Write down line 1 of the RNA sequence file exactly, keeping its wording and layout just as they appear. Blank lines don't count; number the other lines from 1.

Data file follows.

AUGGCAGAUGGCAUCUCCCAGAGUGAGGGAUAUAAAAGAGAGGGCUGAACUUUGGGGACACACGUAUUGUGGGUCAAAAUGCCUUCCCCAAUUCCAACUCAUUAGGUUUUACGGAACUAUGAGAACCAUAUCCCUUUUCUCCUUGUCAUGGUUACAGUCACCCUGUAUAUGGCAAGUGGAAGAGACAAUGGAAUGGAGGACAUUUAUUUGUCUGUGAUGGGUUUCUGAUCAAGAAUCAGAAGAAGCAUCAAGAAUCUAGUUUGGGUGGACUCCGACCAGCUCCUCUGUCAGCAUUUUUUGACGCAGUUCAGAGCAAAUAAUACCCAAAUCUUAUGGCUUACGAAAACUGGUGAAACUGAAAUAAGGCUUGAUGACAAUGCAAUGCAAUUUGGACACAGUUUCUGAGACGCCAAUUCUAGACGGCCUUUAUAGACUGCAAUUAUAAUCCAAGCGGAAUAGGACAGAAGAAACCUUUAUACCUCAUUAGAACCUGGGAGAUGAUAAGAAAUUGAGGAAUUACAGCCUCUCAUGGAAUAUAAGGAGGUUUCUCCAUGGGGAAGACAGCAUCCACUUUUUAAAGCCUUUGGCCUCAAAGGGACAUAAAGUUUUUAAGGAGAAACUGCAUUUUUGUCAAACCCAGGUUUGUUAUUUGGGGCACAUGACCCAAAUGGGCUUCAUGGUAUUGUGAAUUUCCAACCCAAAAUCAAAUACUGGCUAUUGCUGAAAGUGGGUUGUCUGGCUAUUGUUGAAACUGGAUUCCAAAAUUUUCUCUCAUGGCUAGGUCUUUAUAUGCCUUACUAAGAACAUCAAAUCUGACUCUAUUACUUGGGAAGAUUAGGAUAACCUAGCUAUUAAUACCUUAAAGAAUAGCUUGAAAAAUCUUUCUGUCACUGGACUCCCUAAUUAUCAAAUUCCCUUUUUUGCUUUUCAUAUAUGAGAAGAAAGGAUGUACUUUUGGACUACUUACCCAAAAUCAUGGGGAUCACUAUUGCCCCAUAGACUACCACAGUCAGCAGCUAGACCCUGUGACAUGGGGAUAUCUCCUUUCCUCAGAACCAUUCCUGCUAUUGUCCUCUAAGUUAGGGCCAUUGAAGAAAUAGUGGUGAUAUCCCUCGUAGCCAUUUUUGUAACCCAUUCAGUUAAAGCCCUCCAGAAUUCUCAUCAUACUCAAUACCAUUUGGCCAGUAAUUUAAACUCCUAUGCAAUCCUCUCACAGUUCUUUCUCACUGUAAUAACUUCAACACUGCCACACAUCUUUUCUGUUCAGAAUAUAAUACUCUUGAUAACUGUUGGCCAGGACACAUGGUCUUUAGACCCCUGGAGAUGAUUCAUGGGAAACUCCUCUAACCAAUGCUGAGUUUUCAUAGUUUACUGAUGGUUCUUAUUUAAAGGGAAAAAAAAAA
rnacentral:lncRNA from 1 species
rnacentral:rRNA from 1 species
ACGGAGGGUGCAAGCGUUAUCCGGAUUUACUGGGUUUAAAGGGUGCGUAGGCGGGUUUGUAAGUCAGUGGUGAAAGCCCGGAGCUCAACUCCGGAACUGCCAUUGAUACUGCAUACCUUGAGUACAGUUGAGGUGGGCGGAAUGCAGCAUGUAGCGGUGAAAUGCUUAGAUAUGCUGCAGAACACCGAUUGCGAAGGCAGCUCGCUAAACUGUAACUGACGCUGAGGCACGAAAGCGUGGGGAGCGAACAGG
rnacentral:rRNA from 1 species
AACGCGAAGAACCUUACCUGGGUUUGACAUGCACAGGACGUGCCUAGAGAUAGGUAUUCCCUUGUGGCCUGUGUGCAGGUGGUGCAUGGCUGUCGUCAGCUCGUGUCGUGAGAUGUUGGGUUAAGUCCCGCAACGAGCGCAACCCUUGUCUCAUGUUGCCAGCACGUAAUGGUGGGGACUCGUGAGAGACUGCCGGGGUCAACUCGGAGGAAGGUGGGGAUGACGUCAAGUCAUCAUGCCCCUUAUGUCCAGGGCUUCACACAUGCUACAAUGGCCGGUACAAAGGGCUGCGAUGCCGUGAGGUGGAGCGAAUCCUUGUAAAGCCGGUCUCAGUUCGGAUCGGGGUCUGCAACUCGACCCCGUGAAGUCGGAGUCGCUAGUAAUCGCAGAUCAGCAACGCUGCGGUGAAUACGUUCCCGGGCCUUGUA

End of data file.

AUGGCAGAUGGCAUCUCCCAGAGUGAGGGAUAUAAAAGAGAGGGCUGAACUUUGGGGACACACGUAUUGUGGGUCAAAAUGCCUUCCCCAAUUCCAACUCAUUAGGUUUUACGGAACUAUGAGAACCAUAUCCCUUUUCUCCUUGUCAUGGUUACAGUCACCCUGUAUAUGGCAAGUGGAAGAGACAAUGGAAUGGAGGACAUUUAUUUGUCUGUGAUGGGUUUCUGAUCAAGAAUCAGAAGAAGCAUCAAGAAUCUAGUUUGGGUGGACUCCGACCAGCUCCUCUGUCAGCAUUUUUUGACGCAGUUCAGAGCAAAUAAUACCCAAAUCUUAUGGCUUACGAAAACUGGUGAAACUGAAAUAAGGCUUGAUGACAAUGCAAUGCAAUUUGGACACAGUUUCUGAGACGCCAAUUCUAGACGGCCUUUAUAGACUGCAAUUAUAAUCCAAGCGGAAUAGGACAGAAGAAACCUUUAUACCUCAUUAGAACCUGGGAGAUGAUAAGAAAUUGAGGAAUUACAGCCUCUCAUGGAAUAUAAGGAGGUUUCUCCAUGGGGAAGACAGCAUCCACUUUUUAAAGCCUUUGGCCUCAAAGGGACAUAAAGUUUUUAAGGAGAAACUGCAUUUUUGUCAAACCCAGGUUUGUUAUUUGGGGCACAUGACCCAAAUGGGCUUCAUGGUAUUGUGAAUUUCCAACCCAAAAUCAAAUACUGGCUAUUGCUGAAAGUGGGUUGUCUGGCUAUUGUUGAAACUGGAUUCCAAAAUUUUCUCUCAUGGCUAGGUCUUUAUAUGCCUUACUAAGAACAUCAAAUCUGACUCUAUUACUUGGGAAGAUUAGGAUAACCUAGCUAUUAAUACCUUAAAGAAUAGCUUGAAAAAUCUUUCUGUCACUGGACUCCCUAAUUAUCAAAUUCCCUUUUUUGCUUUUCAUAUAUGAGAAGAAAGGAUGUACUUUUGGACUACUUACCCAAAAUCAUGGGGAUCACUAUUGCCCCAUAGACUACCACAGUCAGCAGCUAGACCCUGUGACAUGGGGAUAUCUCCUUUCCUCAGAACCAUUCCUGCUAUUGUCCUCUAAGUUAGGGCCAUUGAAGAAAUAGUGGUGAUAUCCCUCGUAGCCAUUUUUGUAACCCAUUCAGUUAAAGCCCUCCAGAAUUCUCAUCAUACUCAAUACCAUUUGGCCAGUAAUUUAAACUCCUAUGCAAUCCUCUCACAGUUCUUUCUCACUGUAAUAACUUCAACACUGCCACACAUCUUUUCUGUUCAGAAUAUAAUACUCUUGAUAACUGUUGGCCAGGACACAUGGUCUUUAGACCCCUGGAGAUGAUUCAUGGGAAACUCCUCUAACCAAUGCUGAGUUUUCAUAGUUUACUGAUGGUUCUUAUUUAAAGGGAAAAAAAAAA